The radio crackled loudly over the intercom. Above the din of rattling metal and rock, the co-driver bellows his instructions as his driver wrestles feverishly with the 1200kg fire-breathing beast that is their rally car. The exhaust pops as the driver downshifts to negotiate an off-camber bend and the co-driver barks, “100 K right 4, 50 caution Jump into right 2 tightens, don’t cut, 100 right, 400 flat to crest into K left 4″. Dust explodes and gravel rakes the nearby shrubbery as the car skids past a startled cameraman and disappears over a hill, popping and hissing its last report.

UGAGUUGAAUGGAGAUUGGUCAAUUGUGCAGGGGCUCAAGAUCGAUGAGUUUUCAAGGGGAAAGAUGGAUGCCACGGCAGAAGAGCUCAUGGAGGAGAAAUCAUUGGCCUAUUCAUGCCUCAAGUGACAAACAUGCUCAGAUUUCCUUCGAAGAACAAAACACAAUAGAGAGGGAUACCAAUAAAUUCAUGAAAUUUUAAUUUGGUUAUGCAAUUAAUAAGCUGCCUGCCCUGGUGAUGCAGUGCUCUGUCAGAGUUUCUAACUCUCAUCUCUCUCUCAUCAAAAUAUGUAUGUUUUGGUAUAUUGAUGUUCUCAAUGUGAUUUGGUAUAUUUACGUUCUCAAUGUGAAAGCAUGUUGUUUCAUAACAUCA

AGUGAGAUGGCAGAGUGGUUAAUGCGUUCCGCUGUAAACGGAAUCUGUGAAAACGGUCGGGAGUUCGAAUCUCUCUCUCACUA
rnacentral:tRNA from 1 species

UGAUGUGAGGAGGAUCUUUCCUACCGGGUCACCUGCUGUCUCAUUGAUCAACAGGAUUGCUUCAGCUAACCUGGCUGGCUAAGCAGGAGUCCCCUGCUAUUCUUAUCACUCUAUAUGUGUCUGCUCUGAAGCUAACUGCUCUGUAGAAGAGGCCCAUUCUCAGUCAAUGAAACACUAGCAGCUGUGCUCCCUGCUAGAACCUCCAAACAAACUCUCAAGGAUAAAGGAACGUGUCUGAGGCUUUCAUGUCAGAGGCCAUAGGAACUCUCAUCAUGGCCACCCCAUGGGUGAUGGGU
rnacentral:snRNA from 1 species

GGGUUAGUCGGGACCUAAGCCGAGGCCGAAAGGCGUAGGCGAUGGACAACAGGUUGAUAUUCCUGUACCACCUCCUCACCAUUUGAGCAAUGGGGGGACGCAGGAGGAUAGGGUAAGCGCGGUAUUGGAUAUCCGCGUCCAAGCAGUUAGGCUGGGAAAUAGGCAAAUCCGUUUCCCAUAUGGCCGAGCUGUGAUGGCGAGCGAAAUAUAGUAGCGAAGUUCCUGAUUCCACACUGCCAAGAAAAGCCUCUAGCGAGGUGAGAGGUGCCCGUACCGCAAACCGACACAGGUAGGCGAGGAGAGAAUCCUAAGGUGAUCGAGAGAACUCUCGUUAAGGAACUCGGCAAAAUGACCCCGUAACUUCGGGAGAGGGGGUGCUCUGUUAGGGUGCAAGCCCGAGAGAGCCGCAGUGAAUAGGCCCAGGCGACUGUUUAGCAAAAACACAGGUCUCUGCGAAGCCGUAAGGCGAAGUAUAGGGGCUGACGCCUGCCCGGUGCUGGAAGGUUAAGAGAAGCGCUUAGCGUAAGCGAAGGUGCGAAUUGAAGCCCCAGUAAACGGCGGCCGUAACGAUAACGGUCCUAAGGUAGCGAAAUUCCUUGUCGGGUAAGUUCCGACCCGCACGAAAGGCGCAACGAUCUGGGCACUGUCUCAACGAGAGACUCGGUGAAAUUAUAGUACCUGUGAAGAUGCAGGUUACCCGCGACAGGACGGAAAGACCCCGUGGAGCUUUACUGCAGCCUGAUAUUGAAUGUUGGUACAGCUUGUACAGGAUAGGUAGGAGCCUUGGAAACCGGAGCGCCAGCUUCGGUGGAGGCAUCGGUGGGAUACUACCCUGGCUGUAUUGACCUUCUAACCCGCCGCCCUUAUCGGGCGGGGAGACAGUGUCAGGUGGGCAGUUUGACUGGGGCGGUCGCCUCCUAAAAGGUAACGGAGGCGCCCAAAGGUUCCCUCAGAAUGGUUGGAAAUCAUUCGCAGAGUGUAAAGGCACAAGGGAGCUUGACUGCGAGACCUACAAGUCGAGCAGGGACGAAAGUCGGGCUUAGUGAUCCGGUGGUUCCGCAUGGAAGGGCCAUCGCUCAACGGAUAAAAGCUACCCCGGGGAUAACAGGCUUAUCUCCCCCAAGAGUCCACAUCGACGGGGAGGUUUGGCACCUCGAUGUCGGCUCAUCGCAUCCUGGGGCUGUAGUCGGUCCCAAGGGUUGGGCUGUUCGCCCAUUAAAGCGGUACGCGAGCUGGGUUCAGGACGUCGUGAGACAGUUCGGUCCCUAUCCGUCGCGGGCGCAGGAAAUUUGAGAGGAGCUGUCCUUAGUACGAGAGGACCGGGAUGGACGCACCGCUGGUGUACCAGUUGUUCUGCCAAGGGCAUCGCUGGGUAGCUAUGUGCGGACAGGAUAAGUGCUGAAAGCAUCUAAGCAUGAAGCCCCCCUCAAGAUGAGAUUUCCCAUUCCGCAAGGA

When I bought the 5D MkII, I had imagined that I would be using it, amongst other things, to create images like the awesome shooters on BBC’s Top Gear. Here was a relatively inexpensive camera that I could use to shoot cinema-like video to support the storytelling style I had envisioned for an automotive magazine show I was working on.